Tag Archives: gazebo

Marred, Mangled Manner

Hey! Didn’t we see today’s strip back on July 1?. Please don’t let this become a running gag…
Carl is not in view in panel 3. We can only hope he survived the performance.

The United States is now 240 years old, only a couple years younger than Funky looks these days. Have a safe and happy 4th of July everyone!

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Old Tyme Rock ‘N Roll

Well, I guess today’s strip provides some semblance of continuity to Morton Winkerbean’s uh… dream (I guess that’s what it is) of being a “rock star”, lining up with Thursday’s strip about drugs and groupies and whatnot. That does seem like an odd dream for a nursing home resident, even today as the stars of the rock ‘n roll era approach nursing home resident age. Still, it actually kinda makes sense that a wannabe rock star would name his son “Funky”.

This also lines up relatively well with the Mort we first met back in 2011, still not fully lucid and irritating the folks around him with bad dad jokes. Today’s Mort is less somber and churlish than the on we saw at Christmas five years back, but we’ve only ever seen him like that around Funky. Perhaps we can chalk that up to Mort simply not liking his son… another reason he might have named him “Funky”.

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Low Blow

Today’s strip reminds me of an episode of 50s/60s “animated” series Clutch Cargo, “The Ghost Ship”. The episode starts off with Clutch’s ward Spinner wondering aloud if the fishing boats in the harbor ever move.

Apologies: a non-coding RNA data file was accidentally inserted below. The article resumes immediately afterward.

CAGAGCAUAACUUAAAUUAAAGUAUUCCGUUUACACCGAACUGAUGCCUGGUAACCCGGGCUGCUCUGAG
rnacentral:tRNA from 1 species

A rare moment of self-awareness in an “animated” show that consisted almost entirely of still images (with creepy filmed lips placed on top of them) or a pure coincidence? I leaned toward the latter but was never 100% sure.

Similarly, I’m pretty sure today’s panel 1 is unintentional, but not fully sure. It could be a sly call back to that time in late Act II when Harry’s hearing loss forced him to hand his baton over to Lefty, meant to poke at us beady-eyed nitpickers who have noted on many occasions that TB completely ignored this maudlin mess once Act III began. I concede that is possible, but likely? Ha!
TB ignores precedents set in his own work and retcons things more often than Tom Armstrong draws Marvin soiling himself.

Poor Carl, he was doing so well when we last saw him on Christmas day. I admire his dedication to playing the trumpet

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Friday, July 1

Sorry folks, we’ve got one of those occasional instances where today’s strip is not available for preview twice in a row.

So to fill some space in lieu of my typical 20/20(0) insight on today’s new strip, we’ll once again hop in to the WABAC Machine. This time we’re traveling back 30 years (or is it 40 in strip time? maybe 44?) to July 1, 1986. Wonder what was going on back then?

Dinkle? Really? What a terrible coincidence…

Or is it? The story arc for the week of the 4th in 1986 involves Dinkle learning that the Westview High School marching band has been chosen to perform in New York City for a 4th of July celebration. This necessitates coming up with a replacement band for the Westview town square performance on the 4th. Dinkle, naturally, choses the only other “band” in Westview at the time, Crazy Harry’s air guitar group. On top of that, John Darling AND Crankshaft also show up.